Exploring Enterprise Edition features ^
RDM 11 Free Edition is all the free RDP client that a single administrator needs, in my humble opinion. However, if you’re part of a larger organization that uses a delegated administration model, you’ll want to consider upgrading to the Enterprise Edition to take advantage of all the team-related features.
You should read Devolutions’ Compare Editions matrix to see exactly what you can and cannot do in the Free Edition. The “biggies” for me are the following Enterprise Edition-only features:
- Credential vault: You can store credentials for sharing and secure re-use throughout the organization.
- Integration with other password managers: You can “plug in” support for popular credentials managers such as LastPass and KeePass directly into your RDM infrastructure. That’s awesome for businesses who are already invested in a credential vault solution.
- Multiple data sources: Instead of using a small, embedded database (like the Free Edition does), you have great flexibility in the back-end database system(s) you choose to store your RDM data and metadata. You can also import connection information (server names, IP addresses, etc.) from multiple data sources into RDM 11.
- PowerShell automation: Devolutions hosts a huge community repository of RDM-related PowerShell modules and commands.
This last point bears a bit more discussion. Devolutions created its own PowerShell snap-ins that enable you to automate just about any RDM management task. You can register and load the cmdlets directly from within the RDM Enterprise console by clicking Tools > PowerShell (RDM CmdLet), as shown in the following screenshot:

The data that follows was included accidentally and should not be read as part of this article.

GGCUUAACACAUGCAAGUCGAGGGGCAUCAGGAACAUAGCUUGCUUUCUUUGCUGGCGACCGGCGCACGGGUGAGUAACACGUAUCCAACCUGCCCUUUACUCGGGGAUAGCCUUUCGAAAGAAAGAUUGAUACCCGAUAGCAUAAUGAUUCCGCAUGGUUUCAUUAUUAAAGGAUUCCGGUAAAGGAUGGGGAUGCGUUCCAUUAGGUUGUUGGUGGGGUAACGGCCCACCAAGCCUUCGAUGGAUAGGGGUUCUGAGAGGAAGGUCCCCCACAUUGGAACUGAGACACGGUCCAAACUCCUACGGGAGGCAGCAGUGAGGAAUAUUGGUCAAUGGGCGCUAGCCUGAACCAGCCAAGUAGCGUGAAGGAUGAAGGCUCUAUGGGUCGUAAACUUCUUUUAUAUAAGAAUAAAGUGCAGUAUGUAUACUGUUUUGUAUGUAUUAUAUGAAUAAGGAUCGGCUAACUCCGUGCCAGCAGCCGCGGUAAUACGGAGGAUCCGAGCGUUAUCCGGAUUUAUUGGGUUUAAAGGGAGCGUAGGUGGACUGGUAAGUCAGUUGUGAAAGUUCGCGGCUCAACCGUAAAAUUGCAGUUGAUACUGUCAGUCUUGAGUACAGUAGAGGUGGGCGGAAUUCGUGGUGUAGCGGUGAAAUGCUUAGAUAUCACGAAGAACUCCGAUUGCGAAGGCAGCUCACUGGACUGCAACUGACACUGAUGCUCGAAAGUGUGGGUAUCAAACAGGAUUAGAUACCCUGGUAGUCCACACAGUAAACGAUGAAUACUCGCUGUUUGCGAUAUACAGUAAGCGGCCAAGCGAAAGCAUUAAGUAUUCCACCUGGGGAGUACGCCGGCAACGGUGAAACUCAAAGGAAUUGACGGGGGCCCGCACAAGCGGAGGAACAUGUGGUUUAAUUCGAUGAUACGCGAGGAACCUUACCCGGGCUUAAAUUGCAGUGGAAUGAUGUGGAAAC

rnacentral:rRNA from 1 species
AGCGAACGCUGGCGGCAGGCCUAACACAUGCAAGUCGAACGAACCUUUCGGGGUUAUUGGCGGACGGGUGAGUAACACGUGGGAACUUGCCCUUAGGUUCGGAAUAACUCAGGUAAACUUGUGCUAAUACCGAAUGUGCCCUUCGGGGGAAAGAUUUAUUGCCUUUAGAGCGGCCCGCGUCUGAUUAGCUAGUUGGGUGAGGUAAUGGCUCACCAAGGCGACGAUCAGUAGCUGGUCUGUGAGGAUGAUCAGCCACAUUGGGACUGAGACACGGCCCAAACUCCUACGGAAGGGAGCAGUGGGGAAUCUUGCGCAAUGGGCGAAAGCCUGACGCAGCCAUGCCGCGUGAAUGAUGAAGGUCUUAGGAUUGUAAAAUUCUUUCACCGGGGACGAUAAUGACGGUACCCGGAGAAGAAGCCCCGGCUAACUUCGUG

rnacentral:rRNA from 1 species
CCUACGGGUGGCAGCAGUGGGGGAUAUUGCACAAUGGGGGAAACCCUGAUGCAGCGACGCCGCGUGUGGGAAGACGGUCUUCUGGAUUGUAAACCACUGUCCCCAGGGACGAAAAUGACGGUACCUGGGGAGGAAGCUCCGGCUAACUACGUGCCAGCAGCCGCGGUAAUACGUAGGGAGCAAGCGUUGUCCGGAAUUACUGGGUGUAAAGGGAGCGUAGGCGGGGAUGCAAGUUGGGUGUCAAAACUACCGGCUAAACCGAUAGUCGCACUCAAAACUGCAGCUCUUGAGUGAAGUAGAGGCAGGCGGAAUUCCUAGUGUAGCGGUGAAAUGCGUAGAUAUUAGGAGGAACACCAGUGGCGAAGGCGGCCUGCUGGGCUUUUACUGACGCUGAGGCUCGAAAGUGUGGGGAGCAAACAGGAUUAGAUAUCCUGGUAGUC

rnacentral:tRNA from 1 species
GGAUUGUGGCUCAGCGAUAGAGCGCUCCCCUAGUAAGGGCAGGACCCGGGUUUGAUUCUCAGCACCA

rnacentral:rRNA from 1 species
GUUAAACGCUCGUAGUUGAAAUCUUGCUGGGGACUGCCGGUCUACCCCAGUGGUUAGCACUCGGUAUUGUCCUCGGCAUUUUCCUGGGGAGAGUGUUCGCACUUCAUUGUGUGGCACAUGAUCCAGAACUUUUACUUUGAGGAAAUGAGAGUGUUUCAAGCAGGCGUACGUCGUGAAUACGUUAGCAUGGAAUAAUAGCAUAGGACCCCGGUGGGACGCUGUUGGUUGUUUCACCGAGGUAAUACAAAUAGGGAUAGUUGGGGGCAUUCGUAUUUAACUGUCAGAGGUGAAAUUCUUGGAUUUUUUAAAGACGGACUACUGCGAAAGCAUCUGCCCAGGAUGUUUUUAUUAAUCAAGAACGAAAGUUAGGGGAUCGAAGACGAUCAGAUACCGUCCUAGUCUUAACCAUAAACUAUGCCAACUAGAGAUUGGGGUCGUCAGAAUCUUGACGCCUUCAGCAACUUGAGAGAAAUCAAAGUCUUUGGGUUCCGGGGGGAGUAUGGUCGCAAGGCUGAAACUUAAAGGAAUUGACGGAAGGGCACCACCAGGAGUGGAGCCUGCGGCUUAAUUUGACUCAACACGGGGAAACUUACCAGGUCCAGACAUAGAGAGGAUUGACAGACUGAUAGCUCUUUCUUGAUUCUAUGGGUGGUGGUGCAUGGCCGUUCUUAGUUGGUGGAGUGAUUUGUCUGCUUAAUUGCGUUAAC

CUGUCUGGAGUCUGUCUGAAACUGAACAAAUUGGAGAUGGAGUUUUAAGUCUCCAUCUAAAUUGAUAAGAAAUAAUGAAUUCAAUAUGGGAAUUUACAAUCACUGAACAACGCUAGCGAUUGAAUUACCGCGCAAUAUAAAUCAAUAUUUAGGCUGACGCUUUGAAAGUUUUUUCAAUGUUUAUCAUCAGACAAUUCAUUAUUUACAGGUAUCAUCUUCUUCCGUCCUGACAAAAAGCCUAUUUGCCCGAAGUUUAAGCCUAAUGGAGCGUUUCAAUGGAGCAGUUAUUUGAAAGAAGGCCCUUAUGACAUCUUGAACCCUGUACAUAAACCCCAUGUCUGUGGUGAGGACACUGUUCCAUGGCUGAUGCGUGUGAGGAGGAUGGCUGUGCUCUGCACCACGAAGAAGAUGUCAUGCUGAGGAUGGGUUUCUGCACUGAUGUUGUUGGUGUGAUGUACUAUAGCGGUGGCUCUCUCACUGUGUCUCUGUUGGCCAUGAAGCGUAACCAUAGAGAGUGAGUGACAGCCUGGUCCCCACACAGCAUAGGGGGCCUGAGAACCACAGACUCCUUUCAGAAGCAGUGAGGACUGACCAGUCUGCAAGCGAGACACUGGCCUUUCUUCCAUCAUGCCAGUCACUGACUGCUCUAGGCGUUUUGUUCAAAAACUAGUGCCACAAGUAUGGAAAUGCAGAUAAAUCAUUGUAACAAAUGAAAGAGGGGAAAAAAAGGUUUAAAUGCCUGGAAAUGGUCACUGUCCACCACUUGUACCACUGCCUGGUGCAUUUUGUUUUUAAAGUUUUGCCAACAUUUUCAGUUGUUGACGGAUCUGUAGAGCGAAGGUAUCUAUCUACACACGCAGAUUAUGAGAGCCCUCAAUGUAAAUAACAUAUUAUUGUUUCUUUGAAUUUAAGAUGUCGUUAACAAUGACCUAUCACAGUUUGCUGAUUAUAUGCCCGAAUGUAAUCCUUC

It’s a great thing that Devolution added full PowerShell support to Remote Desktop Manager Enterprise Edition.
Notice that all the Devolutions cmdlets have the RDM noun prefix, and all verbs are PowerShell-approved. Good for Devolutions for adhering to PowerShell best practices!
Data sources and credentials ^
The first thing you need to do after you install RDM 11 Enterprise Edition is get your back-end data source set up. On the Dashboard home page, click Data Sources and then click Add a New Data Source in the resulting dialog box. You’ll notice that RDM uses a local data source by default, and that’s not what we want in a team-based environment.
Look at all the data sources that RDM 11 Enterprise Edition supports. You can even point to a Microsoft Azure SQL instance!
Once again, Devolutions gives us enormous flexibility in how we set up our back-end data tier.
In my lab environment, I connected RDM to a SQL Server 2012 instance and created a database named RDM. Now I can remove the reference to the local data source and be on my way!
We can add, modify, and remove multiple data sources in RDM Enterprise Edition.
We can now step into the “big leagues” by adding a new credential entry to our centralized data vault. On the Dashboard, click Add Credential Entry. As we expect, Devolutions allows us the flexibility of securely storing simple username/password combinations to importing entries from other password management systems.
We can define stored credentials or import them from another system.
From now on, we can associate stored credentials with any new remote connection:
We can securely re-use credentials with RDM 11 Enterprise Edition.
Overall, I’m greatly impressed by Devolutions Remote Desktop Manager. As I said earlier, single administrators in search of a flexible free RDP client should look no further, especially if these admins need to touch non-Windows systems.
The Enterprise Edition should be of keen interest for businesses with busy help desks/service desks where you need staff to make remote connections to systems without knowing the underlying connection details—particularly security credentials.